For anyone who knows anything about India, the Economist's coverage of the subcontinent is dire. For a long time, this publication with its 1843 vintage opposed India's independence. In 2011, in an article about the anti-corruption movement, the Economist incoherently asserted that the movement was at the same time right-wing in its flirtation with Hindu chauvinism and left-wing in its love of Indira's economics leaving many Indians flummoxed. The New York Times, another reputable name, does not do much better. Its former India correspondent, Anand Giridhardas, writes beautifully. One would expect so after an education in Oxford and Harvard. Yet, for all his Indian roots, his views on the country are naive. His paean to Mukesh Ambani in his book, India Calling, is simply uninformed. Some suspect him of having sold out to Ambani for the proverbial thirty pieces of silver. A more likely explanation is his ignorance. In a dinner with the author, he refused to utter a word in any other language than English and demonstrated a striking ignorance of life outside the affluent social circles of Mumbai and Delhi.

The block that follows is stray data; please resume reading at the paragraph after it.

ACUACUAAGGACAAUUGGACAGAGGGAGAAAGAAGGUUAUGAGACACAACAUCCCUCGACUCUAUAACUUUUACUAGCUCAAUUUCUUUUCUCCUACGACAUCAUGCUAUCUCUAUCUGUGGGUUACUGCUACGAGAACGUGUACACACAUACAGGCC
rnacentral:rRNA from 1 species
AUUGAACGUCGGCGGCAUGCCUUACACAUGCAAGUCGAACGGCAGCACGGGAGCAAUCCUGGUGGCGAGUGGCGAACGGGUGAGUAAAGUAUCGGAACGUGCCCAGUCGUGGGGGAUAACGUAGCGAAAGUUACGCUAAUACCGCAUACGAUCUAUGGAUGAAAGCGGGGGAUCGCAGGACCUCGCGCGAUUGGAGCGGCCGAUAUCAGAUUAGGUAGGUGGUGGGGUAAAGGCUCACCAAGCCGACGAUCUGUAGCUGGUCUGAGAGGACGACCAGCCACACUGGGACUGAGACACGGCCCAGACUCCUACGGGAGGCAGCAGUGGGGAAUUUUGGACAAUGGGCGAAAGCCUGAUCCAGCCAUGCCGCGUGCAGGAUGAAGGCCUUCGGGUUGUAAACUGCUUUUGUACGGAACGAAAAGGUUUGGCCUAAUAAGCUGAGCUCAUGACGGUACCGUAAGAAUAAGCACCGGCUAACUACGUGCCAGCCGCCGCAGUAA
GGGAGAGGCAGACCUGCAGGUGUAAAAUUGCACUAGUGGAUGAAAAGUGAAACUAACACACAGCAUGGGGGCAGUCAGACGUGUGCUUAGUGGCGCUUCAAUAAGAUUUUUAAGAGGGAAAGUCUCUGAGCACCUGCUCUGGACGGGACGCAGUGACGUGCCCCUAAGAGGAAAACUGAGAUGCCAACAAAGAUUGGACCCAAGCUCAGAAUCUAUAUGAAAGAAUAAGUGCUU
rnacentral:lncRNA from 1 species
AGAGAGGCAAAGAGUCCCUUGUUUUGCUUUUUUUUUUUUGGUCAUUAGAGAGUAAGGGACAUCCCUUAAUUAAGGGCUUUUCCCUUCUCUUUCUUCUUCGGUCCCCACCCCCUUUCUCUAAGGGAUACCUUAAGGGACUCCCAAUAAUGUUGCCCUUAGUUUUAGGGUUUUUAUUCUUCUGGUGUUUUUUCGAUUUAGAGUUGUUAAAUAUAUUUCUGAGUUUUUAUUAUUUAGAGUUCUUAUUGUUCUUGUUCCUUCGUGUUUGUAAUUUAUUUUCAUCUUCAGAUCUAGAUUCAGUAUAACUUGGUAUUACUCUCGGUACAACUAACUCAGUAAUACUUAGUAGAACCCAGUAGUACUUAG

This sums up the problem with foreign reporting today. There was a time when foreign reporters went native. When Mark Tully of the BBC came to India, he immersed himself in the history, culture, and language of the country. His reporting is therefore the stuff of legend. More importantly, he is one of the few who understands India intuitively and credits the pluralism of the country for teaching him that there are many ways to God. The celebrated Financial Times correspondent, Ed Luce, has written insightfully about India but he has never truly understood the country. Luce's preference for the ruling party over the alternatives might be informed by the cultural familiarity with the English speaking elite into which he has married. He is now based in Washington, DC and, though his writing about the U.S. is incisive, he often betrays the weaknesses of any foreign correspondent cocooned in the capital with cozy elites.